Mike Light, spokesman for the Department of Corrections, said Ingram and Plummer failed to sell the gun to a friend. So Ingram told Plummer to drive to a house in the Black Jack Mountain area of Cobb County. There, he said, was a car and he knew where the keys were hidden. They would drive to California. But there was no car. Instead, Ingram directed Plummer to the Sawyers' home. Here, Plummer said, and the prosecution accepted (using Plummer to give evidence against Ingram), he got scared and went home.

But the defence says Ingram has no memory of what happened because he has a clinical condition that causes him to black out when he drinks. It claims Plummer may have stayed; and that a bloodstained flip-flop sandal was later found in his car, proving he was there.

It was 7.15pm. J C had been working in the garden; Mary Eunice, the owner of a small alterations shop in Cartersville, had come home at 6.20pm and prepared dinner. She was the first to hear Ingram at the door. Mr Light said he demanded to use the phone and shouted and swore at Mrs Sawyer. "Mr Sawyer came and pushed Ingram back out on to the porch," said Mr Light . "Then Ingram pulled out his gun and told them to get back inside or he would blow their heads off. He demanded money and their car keys. He kept the gun against Mr Sawyer's head and then noticed Mrs Sawyer looking at his tattoos. He said words to the effect: `Go on, remember the tattoos. If that doesn't get you killed now, it will later.' "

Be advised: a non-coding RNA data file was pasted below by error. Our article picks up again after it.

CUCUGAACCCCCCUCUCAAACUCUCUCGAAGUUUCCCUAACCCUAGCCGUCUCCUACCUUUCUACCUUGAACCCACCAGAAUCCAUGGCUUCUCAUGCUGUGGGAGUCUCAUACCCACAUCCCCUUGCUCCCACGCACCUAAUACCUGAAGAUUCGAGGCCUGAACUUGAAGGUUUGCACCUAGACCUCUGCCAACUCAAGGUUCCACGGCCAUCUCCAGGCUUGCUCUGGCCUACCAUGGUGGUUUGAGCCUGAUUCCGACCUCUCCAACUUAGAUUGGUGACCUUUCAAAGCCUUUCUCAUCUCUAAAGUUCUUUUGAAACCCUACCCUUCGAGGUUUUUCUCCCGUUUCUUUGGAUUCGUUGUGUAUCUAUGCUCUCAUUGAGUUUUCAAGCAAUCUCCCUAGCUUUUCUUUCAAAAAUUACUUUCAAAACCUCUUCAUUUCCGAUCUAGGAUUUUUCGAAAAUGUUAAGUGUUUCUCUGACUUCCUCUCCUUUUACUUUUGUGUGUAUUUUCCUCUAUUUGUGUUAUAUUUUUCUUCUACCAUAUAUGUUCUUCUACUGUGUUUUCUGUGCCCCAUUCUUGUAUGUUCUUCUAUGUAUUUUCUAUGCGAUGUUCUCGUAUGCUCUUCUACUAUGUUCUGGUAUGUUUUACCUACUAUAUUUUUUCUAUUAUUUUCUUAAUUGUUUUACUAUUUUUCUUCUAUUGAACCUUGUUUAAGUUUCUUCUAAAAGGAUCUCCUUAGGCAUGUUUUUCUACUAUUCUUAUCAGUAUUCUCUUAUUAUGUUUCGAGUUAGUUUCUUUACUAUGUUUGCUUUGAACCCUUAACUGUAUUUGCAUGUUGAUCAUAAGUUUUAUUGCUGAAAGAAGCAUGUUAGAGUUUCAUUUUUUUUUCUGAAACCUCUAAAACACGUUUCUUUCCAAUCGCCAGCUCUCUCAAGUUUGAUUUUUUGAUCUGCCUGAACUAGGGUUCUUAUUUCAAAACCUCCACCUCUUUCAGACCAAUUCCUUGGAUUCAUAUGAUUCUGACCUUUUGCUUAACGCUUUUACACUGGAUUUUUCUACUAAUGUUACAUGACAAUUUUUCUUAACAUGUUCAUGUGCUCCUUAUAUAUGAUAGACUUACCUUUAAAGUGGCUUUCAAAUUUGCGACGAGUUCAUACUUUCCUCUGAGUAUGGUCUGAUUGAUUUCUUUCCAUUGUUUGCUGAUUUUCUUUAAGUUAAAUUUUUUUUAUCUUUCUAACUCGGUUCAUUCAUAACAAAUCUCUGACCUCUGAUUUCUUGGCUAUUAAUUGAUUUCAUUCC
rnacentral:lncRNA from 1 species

After demands for money and threats, Mrs Sawyer fetched $60 from her bedroom. Mr Sawyer tried to get up from a chair, but, according to prosecution records, Ingram fired a shot between his feet. "When she came back, Mrs Sawyer begged Ingram to let her husband have his medication, but Ingram said he wouldn't be needing it any more," said Mr Light. "He told Mr Sawyer to get some rope off the back of his truck and he forced them to walk into woods at the back of the house.He made them sit with their backs against a tree trunk and tied them to it. The victims were pleading for their lives.

"He took off his shirt and tore it in two and used the parts to gag them with. According to Mrs Sawyer, he told them he would have to kill them because they could identify him. Then he hit Mr Sawyer with his gun and fired one shot into his head.

"He turned and fired at Mrs Sawyer's head, but, as Mr Sawyer slumped on the other side of the tree, she was jolted by the rope and pulled to one side. The bullet struck her crown. There was blood but she was still conscious and she had the wherewithal to feign death."

The defence argues that the shirt used to gag the Sawyers was Plummer's, but Plummer says he lent it to Ingram earlier in the day. What it is not in dispute is that Ingram stole the Sawyers' truck and fled through Mississippi, Alabama and Colorado before surfacing in California. Along the way, he met a woman, befriended her and stole her car and handbag. And, with another man, he picked up a hitchhiker, only to steal his money, strip-search him and tie him to the post of a bridge.

He was caught by police, drunk and slumped over the wheel of the stolen car on Interstate 80 near North Platte in Nebraska. He gave a false name, but the woman whose car he had stolen had his real name and gave it to police. "He later told officers that he was probably wanted for two murders in Cobb County," said Mr Light. "That makes us doubt that he had a blackout and has no memory of that evening."